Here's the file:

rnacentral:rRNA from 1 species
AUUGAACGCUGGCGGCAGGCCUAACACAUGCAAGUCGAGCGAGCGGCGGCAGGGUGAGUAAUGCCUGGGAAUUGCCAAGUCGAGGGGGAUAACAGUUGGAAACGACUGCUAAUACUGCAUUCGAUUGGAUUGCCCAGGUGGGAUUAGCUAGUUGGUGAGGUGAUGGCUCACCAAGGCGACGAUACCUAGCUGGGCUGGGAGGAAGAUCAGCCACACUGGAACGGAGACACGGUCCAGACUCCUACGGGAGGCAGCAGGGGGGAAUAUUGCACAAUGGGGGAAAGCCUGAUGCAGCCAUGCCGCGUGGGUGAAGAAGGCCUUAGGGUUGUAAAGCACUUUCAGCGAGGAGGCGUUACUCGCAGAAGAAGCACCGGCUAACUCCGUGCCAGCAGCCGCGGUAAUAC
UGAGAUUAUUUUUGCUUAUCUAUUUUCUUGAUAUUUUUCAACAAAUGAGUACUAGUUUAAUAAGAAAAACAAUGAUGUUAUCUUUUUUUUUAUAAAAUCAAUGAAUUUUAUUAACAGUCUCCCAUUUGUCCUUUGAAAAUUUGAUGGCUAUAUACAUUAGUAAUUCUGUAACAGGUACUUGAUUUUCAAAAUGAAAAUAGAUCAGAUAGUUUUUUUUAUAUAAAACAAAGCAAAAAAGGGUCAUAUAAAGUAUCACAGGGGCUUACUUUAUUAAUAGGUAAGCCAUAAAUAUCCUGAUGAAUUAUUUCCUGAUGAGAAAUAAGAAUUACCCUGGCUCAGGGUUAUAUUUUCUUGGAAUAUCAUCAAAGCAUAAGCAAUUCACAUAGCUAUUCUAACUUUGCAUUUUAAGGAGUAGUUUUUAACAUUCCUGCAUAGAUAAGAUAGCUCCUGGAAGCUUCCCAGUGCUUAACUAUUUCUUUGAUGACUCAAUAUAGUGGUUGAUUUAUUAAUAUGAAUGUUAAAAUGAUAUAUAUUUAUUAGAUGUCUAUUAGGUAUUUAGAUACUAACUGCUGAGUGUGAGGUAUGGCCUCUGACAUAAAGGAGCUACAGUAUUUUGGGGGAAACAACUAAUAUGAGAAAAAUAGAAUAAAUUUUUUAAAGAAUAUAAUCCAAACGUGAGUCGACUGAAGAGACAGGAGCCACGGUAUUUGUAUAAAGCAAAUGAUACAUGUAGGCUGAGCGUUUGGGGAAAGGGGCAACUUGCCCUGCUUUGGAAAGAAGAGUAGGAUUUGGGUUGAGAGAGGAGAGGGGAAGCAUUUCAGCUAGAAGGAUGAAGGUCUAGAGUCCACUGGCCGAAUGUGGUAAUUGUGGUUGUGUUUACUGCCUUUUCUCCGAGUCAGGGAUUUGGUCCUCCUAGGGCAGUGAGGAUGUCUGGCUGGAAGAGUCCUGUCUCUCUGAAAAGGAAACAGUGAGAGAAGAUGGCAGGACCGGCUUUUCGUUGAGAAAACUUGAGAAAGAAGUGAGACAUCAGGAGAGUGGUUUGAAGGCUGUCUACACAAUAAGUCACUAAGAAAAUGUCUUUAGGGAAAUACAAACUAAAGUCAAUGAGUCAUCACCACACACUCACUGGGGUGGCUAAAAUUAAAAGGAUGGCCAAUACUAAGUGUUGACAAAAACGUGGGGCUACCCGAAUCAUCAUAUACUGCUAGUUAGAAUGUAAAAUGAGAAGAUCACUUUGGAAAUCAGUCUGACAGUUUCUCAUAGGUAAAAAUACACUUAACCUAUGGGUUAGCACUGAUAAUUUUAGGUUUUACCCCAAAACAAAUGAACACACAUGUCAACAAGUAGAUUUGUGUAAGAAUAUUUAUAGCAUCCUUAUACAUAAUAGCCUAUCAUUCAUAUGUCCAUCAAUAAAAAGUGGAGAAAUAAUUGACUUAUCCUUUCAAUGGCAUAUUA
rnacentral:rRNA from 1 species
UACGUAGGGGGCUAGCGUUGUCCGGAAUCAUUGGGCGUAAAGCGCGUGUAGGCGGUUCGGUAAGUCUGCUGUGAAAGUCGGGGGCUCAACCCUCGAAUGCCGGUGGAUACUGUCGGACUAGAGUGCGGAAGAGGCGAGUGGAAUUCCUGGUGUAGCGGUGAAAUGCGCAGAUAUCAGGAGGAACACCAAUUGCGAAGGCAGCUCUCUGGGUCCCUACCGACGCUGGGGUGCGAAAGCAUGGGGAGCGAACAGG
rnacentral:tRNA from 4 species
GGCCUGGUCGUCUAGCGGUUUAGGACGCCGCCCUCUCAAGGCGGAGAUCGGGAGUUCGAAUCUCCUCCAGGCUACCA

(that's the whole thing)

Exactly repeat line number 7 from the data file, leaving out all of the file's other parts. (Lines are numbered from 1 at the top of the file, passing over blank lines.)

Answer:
GGCCUGGUCGUCUAGCGGUUUAGGACGCCGCCCUCUCAAGGCGGAGAUCGGGAGUUCGAAUCUCCUCCAGGCUACCA